Earlier this week, former National Party senator, John Williams, backed calls by seniors groups to have the Newstart allowance increased for older unemployed people. Williams claimed it is harder for older people to get another job, whereas Ian Henschke from National Seniors Australia claimed it is absurd that an unemployed person aged 65 is expected to live on $15,000 a year, while they get $24,000 a year when they turn 66 and qualify for the pension.
Finance Minister Mathias Cormann seems to have rejected their pleading, insisting there is no chance the adequacy of unemployment benefits will be included in an upcoming review of retirement policies:
Senator Cormann agreed that being out of work was tough but ruled out adding Newstart payments to the Morrison government’s review of retirement policies.
“Newstart allowance is not a retirement income,” he told Sky News…
Treasurer Josh Frydenberg is working on the terms of reference for the government’s review, recommended by the Productivity Commission in January, as part of its inquiry into the superannuation sector…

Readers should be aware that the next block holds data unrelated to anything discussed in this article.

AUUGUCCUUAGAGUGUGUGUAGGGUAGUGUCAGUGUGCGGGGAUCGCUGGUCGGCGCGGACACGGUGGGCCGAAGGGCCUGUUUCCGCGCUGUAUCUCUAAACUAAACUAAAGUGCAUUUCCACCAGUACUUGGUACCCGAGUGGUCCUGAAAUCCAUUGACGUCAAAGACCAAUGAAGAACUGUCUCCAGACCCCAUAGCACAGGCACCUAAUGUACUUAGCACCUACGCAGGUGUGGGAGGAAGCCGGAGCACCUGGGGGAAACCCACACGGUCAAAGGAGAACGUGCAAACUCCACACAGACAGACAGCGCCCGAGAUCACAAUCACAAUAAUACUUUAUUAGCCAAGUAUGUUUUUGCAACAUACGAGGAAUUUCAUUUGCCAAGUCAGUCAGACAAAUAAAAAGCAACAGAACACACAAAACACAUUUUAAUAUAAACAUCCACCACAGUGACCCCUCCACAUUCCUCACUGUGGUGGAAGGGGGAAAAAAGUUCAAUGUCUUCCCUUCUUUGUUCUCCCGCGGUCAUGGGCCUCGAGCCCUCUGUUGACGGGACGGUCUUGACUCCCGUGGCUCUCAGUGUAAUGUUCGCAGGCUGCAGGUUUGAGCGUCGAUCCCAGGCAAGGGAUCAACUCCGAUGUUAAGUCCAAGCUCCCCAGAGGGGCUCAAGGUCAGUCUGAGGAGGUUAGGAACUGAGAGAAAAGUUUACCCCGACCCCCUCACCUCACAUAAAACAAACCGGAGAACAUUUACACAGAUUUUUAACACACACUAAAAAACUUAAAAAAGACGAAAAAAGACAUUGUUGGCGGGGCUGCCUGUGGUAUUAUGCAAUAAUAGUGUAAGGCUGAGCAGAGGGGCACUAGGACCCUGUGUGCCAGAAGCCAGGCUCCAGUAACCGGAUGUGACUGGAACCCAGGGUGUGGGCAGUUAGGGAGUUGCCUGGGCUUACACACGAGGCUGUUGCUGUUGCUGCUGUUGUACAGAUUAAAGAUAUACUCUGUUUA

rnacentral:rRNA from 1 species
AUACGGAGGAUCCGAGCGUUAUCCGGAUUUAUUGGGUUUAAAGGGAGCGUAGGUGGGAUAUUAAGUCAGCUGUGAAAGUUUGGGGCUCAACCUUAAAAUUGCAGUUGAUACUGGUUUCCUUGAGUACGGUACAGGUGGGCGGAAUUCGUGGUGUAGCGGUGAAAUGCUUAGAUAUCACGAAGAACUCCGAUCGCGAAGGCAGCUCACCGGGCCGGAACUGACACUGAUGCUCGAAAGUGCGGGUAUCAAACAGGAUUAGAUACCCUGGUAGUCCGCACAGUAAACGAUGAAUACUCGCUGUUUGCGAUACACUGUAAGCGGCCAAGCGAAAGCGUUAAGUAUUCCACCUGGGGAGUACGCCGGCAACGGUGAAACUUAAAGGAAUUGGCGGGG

The review is expected to take up to 18 months to deliver its findings.
In the meantime, Newstart and related welfare payments will be examined in a wide-ranging Senate inquiry, due to report its findings in March next year.
As I noted previously, Newstart must be needs-based, not aged-based. Just because somebody is aged over-55 does not mean they should get more income support than those aged under 55, especially given younger people are likely to have higher expenses (e.g. bigger mortgages, higher rents, raising children, etc).
Moreover, unemployment is highest amongst younger Australians:
The fact of the matter is that Newstart should be raised for everybody, given it is already the lowest in the developed world:
And well below the poverty line:
Make it happen.